Women pilots who flew training missions and ferried aircraft for the United States Army during World War II.
The origin of the WASPs dates to 1941, when famed pilot Jacqueline Cochran recruited American women to fly for the Air Transport Auxiliary of the Royal Air Force. A veteran pilot holding numerous distance and speed records in a wide variety of aircraft, Cochran hoped to assist the British in their fight against Germany while also creating the foundation for a contingent of women military pilots in the United States. She led her first group of pilots to the United Kingdom in 1942, hoping to command any similar contingent which formed in the U.S.
At the same time, Nancy Harkness Love persuaded Major General Harold L. George, commander of the U.S. Army’s Air Transport Command, to use female pilots in his Ferry Division. First Lady Eleanor Roosevelt publicly endorsed the idea, and in September, 1942, Love took over the Women’s Auxiliary Ferrying Squadron (WAFS) at Love Field (named after her millionaire husband, Colonel Bob Love, who was George’s Chief of Staff) in Dallas, Texas.
Cochran was devastated. Lieutenant General Henry Harley “Hap” Arnold, who commanded the United States Army Air Force (USAAF), responded by placing her in charge of training women pilots for the Army Air Force (AAF). Cochran’s Women’s Flying Training Detachment (WFTD) set up shop at Howard Hughes Airfield outside Houston, Texas, in 1942, then moved to Avenger Field in Sweetwater, Texas, the following year.
The move to Sweetwater coincided with the Army’s decision to combine the WAFS and the WFTD to form the Women’s Airforce Service Pilots (WASPs) under Cochran’s command in August, 1943. The move eliminated confusion and duplication of effort in the training of women pilots, and gave Cochran a free hand to set the highest standards for training. She demanded that each female pilot trainee have a minimum of thirty-five hours of flight time prior to acceptance into the WASP program (male pilot trainees in the Army did not have to have any prior flight time), and accepted only 2,000 applicants from a pool of more than 25,000.
Interestingly, Cochran’s pilots became civilian employees of the War Department (earning 20 percent less than men in the same grade) rather than members of the armed forces. Army Chief of Staff George Marshall wanted to commission the women as officers in the Women’s Army Corps (WAC), but Cochran refused to give up control over her pilots to the WAC commander, Colonel Oveta Culp Hobby, and the issue faded away. It came back to haunt the WASPs later.
Despite their nonmilitary status, Cochran’s pilots trained to AAF standards during a twenty-three week course which included cross-country, aerobatic, instrument, and night flying in a number of different aircraft, and many hours of classroom work and simulator training. More than 50 percent of the trainees washed out, while the 1,074 who eventually graduated moved on to fly training missions and ferry aircraft for the Army. By the end of the war, WASPs had flown every airplane in the AAF inventory, from nimble P-51 Mustangs to B-17 and B-29 heavy bombers, and compiled an amazing record of safety. Only three WASPs were lost in fatal accidents in the course of delivering 12,652 planes, while another thirty-four were killed in training accidents. This record proved far superior to that of male pilots, who had a higher rate of discipline problems and were more reluctant to perform mundane training missions. In contrast, WASPs enthusiastically pulled target sleeves for aerial gunnery practice, simulated bombing runs on antiaircraft positions to train gunners, ferried aircraft across the United States and even overseas, and served as instructors for male pilots learning to bomb and strafe ground targets.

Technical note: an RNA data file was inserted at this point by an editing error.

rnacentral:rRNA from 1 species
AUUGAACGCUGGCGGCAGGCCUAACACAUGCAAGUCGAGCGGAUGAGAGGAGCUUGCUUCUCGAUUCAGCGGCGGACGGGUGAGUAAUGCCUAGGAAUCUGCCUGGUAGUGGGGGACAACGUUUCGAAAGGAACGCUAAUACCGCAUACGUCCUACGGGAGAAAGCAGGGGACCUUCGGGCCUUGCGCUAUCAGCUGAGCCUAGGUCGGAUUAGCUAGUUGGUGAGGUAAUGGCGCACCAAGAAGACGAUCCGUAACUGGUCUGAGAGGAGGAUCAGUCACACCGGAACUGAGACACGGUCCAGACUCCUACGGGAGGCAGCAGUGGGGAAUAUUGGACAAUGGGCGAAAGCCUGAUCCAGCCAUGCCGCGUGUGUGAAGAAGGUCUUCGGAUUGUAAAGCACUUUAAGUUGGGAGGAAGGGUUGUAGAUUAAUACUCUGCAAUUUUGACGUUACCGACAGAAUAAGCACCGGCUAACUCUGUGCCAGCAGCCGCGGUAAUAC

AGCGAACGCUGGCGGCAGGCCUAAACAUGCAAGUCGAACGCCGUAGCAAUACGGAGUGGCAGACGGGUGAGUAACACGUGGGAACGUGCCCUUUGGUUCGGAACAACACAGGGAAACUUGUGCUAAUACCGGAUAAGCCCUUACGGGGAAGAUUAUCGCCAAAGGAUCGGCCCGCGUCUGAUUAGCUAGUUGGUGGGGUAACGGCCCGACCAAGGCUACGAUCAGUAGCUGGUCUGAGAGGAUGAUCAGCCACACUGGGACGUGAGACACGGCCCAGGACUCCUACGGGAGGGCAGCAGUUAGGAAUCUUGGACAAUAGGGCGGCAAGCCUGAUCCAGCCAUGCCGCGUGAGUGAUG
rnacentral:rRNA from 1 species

The success of the Women’s Airforce Service Pilots seemed to promise a greater role for women pilots in the armed forces. Instead, the shortage of pilots that had driven the creation of military programs for women pilots eased by mid-1944, and male civilian pilots began to push for an end to the WASP program. They resented competing with women for military duty as pilots, and argued that the impending Allied victory made additional women pilots unnecessary. Cochran and Arnold tried to save the WASPs by supporting legislation integrating them into the AAF, but after intense lobbying the bill they supported proved to be nineteen votes shy of passing in June, 1944. Afterward, it seemed clear the WASPs were doomed, and in December, 1944, the last class of pilots graduated from Avenger Field.
Those women already flying for the Army served until the end of the war in 1945, then found themselves mustered out. Ironically, their greatest battle was yet to come, for they soon found themselves denied status and benefits as veterans because they had officially served in the Army as civilians. It took thirty-three years of lobbying for the United States to finally recognize WASPs for their military service, a step which Congress took in 1977.
Carl, Ann B. A WASP Among Eagles: A Woman Military Test Pilot in World War II. Washington, D.C.: Smithsonian Institution Press, 1999. Excellent first-hand account of the challenges faced by women pilots and the unique career of the author during World War II. Langley, Wanda. Flying Higher: The Women Airforce Pilots of World War II. North Haven, Conn.: Linnet Books, 2001. Good overview of WASP history. Merryman, Molly. Clipped Wings: The Rise and Fall of the Women Airforce Service Pilots (WASPs) of World War II. New York: New York University Press, 1998. Solid overview of WASP history, with special emphasis on feminist theory and the reasons behind America’s failure to recognize the WASPs as military veterans until 1977.
Royal Air Force
Women and flight
World War II